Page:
Paul Savage is CEO of Nextek Power Systems and chairman of the EMerge Alliance.
Tesla Model S and Power Wall use the same li-ion battery cells. (Photo Credit: Tesla)
What has been Elon Musk’s greatest innovation? Commercializing space flight? No. Popularizing electric vehicles? No – he’s got a lot of competition there, too. Revolutionizing mass transit? –That has drawn some attention.
It is none of these. The breakthrough Musk has initiated that will not stop, and stands on par with his well-publicized, easy-to-marvel-at public ventures, is so vast that most people can’t see it. But it’s of such great consequence that it will touch the lives of nearly everyone on this earth in the coming generation.
Musk has pierced a barrier that has held back innovation and kept lower prices at bay by addressing two markets with a common part. We are seeing the first sharing of key power components between stationary systems like those found in buildings, and electronic systems increasingly found in vehicles since the invention of the semiconductor. This makes the acquisition of SolarCity seem brilliant in terms of alignment for long-term growth.
The history-making part that crosses this chasm? It’s a little cylindrical battery that looks a lot like what you buy at Walgreens, but with lithium-ion guts which powers laptops today. Musk cannily based the sexy Tesla fleet, and the Power Wall that acts as a building’s energy reservoir, on this proven low cost design. He andPanasonicare setting out to make billions of them at a gigafactory in Nevada, and they have two huge markets to go into. This is a first.
It is fitting that the first component to show-up in both places is a battery. Batteries not only store energy, but they also naturally buffer systems’ idiosyncrasies and the changing demands people make on their appliances. Most befitting of all its characteristics is that the battery is a direct current (DC) device.
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DC is the blood of our Digital Age, and the common currency of all electronic devices.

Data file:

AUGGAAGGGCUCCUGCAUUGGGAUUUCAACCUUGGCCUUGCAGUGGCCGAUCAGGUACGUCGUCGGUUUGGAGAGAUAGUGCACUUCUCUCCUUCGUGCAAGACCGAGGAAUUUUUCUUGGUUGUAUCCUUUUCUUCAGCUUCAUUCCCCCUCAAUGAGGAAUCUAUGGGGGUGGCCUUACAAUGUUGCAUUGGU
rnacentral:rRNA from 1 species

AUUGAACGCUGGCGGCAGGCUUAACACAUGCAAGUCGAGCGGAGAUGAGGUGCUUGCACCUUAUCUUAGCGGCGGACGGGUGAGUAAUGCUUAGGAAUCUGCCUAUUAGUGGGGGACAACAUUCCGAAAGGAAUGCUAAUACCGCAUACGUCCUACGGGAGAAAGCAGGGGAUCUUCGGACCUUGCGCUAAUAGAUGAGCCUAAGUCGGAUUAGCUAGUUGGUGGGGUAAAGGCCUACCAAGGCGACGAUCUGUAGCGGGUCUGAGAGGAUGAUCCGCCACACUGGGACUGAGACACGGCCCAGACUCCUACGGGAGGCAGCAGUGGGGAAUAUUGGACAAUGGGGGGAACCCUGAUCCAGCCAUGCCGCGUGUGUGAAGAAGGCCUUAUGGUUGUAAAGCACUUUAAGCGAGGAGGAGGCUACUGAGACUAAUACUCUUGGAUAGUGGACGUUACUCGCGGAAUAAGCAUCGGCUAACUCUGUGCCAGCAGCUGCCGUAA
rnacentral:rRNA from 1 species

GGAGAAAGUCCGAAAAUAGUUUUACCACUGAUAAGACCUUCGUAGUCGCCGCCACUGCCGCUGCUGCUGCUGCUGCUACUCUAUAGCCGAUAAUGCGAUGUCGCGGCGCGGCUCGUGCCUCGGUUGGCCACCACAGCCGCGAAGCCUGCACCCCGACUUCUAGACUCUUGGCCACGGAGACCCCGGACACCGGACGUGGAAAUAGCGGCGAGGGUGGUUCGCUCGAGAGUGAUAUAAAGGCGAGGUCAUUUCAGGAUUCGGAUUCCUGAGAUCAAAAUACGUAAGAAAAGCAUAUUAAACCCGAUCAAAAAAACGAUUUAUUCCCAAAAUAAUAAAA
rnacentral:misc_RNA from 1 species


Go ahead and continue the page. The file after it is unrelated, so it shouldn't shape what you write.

The evidence of real progress towards this break-through, however, would not come until Tesla introduced the Power Wall in 2015 containing the same storage component found in their cars. This tearing-open of the parts supply chain between the automotive world and the stationary one will unleash new interoperability between these systems and parts commonality that will have profound effects on both markets.
The resulting scalable DC microgrids will help bring energy access more quickly to the 1.5 billion or so people that have none, greater efficiency and flexibility to those at the top of the economic pyramid, and good new elements of each to the people in between.
The manufacturing and logistics supply chain for these domains will also change for the better: buildings will benefit from the automotive engineer’s focus on efficiency and reliability, and the EV and Hybrid EV markets will benefit from demand 3X greater for its components from the stationary power systems’ use of these common components and sub-systems, thus lowering prices.
From my point of view, Musk’s biggest fish is well-hooked and it’s a catalyst like the industrial revolution, but for our digital economy’s infrastructure. This is the kind of deep innovation that moves markets and changes lives. Nice catch!